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Any Black girl who’s ever seen the movie Matilda would be hard pressed to forget Kiami Davael who portrayed Lavender, Matilda’s best friend. The curious deep-voiced, bespeckled little girl was not only adorable. She had chops. A couple of years ago, we showed you what Kiami looks like now. Recently we had a chat with her about her future endeavors, her start in the industry, ‘Matilda’, and how she managed to dodge all the drama that comes with being a child actor. 

What have you been doing in the years since Matilda?

Oh my goodness! I’ve had so much going on, from singing. And I’m actually getting ready to start working on my EP, to writing to executive producing. I’m actually the executive producer of my own show. So that’s basically what’s been going on in my life.

How would you classify the music that you make?
I would definitely say it’s more of an R&B feel. I like music that tells a story and has a message, that’s positive and uplifting. It’s feel-good music with an R&B twist to it.

Had you been singing since you were a child as well or did singing come later?

Actually, I started out modeling. I went to modeling conventions in New York and Los Angeles. And when I went to the convention in Los Angeles, I met my manager who helped me facilitate, along with my mom, the move to Los Angeles. And during my modeling days, there were talent portions of the conventions and I would sing there. So I’ve always loved music. Whitney Houston was my absolute favorite. So I just think that the acting picked up before the singing. But I’ve been singing forever. I haven’t always been able to sing well when I was younger but as I grew up and developed I realized not only was there a passion for it but I was able to kind of hone in on that aspect of my talent as well.

Take us back to the beginning how did you get your start in the industry? Were you one of those kids who knew you were going to be in the limelight?

I started at an early age, between 2-3 years old, I knew I wanted to be an entertainer. I wanted to be in the industry, I wanted to be on tv, I wanted to sing. Whitney Houston was my all-time fame and I remember she had this concert for the troops overseas. And my grandmother taped it. And I was watching this concert religiously. I had word for word, ad-libs, hand gestures all of that. And I told my mother, at three years old, ‘I want to be Whitney Houston. I’m going to be here.’ That’s it. I remember my mother told, ‘You can’t be Whitney but you can be the best Kiami that you can be.’ Then once The Bodyguard came out and I saw that she was singing and acting. I was like, ‘Oh my God she does everything. I knew I was supposed to be Whitney Houston. I knew it! This makes sense to me.’ So, from that point on that solidified my passion.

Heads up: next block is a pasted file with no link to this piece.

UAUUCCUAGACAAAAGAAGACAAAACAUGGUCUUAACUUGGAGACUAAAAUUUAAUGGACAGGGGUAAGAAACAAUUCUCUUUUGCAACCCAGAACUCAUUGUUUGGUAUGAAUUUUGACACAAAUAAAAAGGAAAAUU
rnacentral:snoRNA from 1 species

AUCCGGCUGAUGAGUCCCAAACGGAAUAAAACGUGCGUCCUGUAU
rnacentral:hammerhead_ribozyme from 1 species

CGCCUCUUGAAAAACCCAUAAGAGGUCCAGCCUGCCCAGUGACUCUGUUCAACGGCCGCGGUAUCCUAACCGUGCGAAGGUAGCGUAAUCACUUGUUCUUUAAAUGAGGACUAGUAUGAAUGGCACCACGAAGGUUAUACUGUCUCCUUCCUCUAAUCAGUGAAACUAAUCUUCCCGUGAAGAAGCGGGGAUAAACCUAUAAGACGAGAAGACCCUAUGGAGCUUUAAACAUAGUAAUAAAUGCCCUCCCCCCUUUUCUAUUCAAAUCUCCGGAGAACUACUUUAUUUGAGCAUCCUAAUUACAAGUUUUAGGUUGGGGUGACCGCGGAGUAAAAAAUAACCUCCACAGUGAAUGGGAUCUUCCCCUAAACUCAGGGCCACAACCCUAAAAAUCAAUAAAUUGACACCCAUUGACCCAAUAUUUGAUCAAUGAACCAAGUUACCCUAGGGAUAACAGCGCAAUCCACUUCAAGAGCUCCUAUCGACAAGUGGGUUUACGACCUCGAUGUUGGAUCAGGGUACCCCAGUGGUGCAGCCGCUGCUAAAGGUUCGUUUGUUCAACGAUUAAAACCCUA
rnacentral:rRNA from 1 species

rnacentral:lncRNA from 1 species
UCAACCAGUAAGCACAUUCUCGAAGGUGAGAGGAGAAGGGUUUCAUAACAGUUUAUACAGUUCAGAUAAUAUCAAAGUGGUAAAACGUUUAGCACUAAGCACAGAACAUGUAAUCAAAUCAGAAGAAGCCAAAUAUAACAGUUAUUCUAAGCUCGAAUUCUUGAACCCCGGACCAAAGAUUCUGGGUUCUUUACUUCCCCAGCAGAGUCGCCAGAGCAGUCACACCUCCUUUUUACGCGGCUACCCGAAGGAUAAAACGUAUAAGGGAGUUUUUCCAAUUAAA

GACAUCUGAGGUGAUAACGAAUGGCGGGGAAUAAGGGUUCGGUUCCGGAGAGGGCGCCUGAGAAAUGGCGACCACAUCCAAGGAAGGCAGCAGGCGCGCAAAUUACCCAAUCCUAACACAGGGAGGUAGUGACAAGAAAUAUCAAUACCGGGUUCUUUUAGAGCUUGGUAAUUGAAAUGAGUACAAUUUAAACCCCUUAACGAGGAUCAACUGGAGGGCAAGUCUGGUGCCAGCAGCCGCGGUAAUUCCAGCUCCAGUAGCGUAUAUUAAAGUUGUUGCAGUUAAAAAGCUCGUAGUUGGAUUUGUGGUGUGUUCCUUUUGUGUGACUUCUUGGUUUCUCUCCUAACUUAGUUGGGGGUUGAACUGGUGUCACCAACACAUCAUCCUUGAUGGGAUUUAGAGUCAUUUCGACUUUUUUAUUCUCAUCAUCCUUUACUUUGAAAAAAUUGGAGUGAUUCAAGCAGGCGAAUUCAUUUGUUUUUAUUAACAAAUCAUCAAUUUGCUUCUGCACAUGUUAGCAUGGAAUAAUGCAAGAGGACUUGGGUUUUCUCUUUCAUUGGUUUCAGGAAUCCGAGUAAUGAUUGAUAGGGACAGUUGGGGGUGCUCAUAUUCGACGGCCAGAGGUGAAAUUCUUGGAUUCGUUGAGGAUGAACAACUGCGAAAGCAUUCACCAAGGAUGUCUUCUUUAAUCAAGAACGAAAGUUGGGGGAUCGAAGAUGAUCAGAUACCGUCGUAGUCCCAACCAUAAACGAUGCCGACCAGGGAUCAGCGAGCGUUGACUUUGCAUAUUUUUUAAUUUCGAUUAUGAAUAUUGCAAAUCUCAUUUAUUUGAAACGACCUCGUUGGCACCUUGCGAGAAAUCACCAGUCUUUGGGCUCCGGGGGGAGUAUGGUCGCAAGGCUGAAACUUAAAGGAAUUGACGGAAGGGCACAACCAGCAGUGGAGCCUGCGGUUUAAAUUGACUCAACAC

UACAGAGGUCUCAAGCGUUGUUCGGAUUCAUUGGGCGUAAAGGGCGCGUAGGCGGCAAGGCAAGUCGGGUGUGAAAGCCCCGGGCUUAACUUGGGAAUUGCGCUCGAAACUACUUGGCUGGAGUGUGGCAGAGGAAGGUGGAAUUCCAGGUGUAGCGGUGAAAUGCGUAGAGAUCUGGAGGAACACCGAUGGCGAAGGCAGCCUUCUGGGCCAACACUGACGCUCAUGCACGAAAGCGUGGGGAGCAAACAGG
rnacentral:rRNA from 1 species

From there, my mom was meeting people and they would suggest that I get into plays and different acting workshops and things like that because they would all say that I had “it.” And my mom was like, ‘Well, what is it?’ And to this day, to be honest with you, I don’t know what that ‘it’ is because I don’t really consider myself really different from any other human being. I think that what might differentiate me from other individuals is that some people aren’t able to find their passion so early. But that’s really the only difference. I knew that this is what I’m supposed to be doing. This is it for me. There’s nothing else that makes me happy, at all… I know that there is nothing else that I should be doing, that would satisfy me.

Even when I went to college and did the whole college thing and allowed myself an opportunity to work at the front desk at my dorm. And I was like ‘So now I understand this is not for me. I’m not happy.’

I actually have a friend who went to school with you. And I think we’re about the same age. I remember she told me ‘Girl, I think Lavender, the Black girl from Matilda goes to my school.’ So how was that for you? Did people recognize you and make a big deal about it?

Sometimes they did. Even to this day, I have people who will stop me and say, ‘I know you. You were in Matilda.’ And it’s always interesting. I’m grateful. I don’t know that anyone can say that they live a normal life but I’m grateful that when I was in college, I had those moments of “normalcy” where I was able to go to class. I had individuals who felt that I was “better” than everyone else because of the industry that I was in. But I was able not to worry about it too much. I kept a tight circle and I had a really strong support system. That was a really big life-learning time for me. I needed that to be able to shape the woman that I am now.

What would you say were some of the greatest lessons you learned during that time?

I think I was able to accept during that period of time and years after, that it’s ok to be different, that it’s ok not to fit in. No matter what anybody says to you. Folks will try to talk bad about you, they may try to disrespect, demean you, whatever they may try to do, you are worthy. So never apologize and feel bad about the favor that may be placed on your life. It’s ok for everybody not to like you because you are not for everybody and everybody is not for you. But that does not mean that you are less worthy, that you’re any less of an amazing individual, that God is not going to bless you any less than anyone else.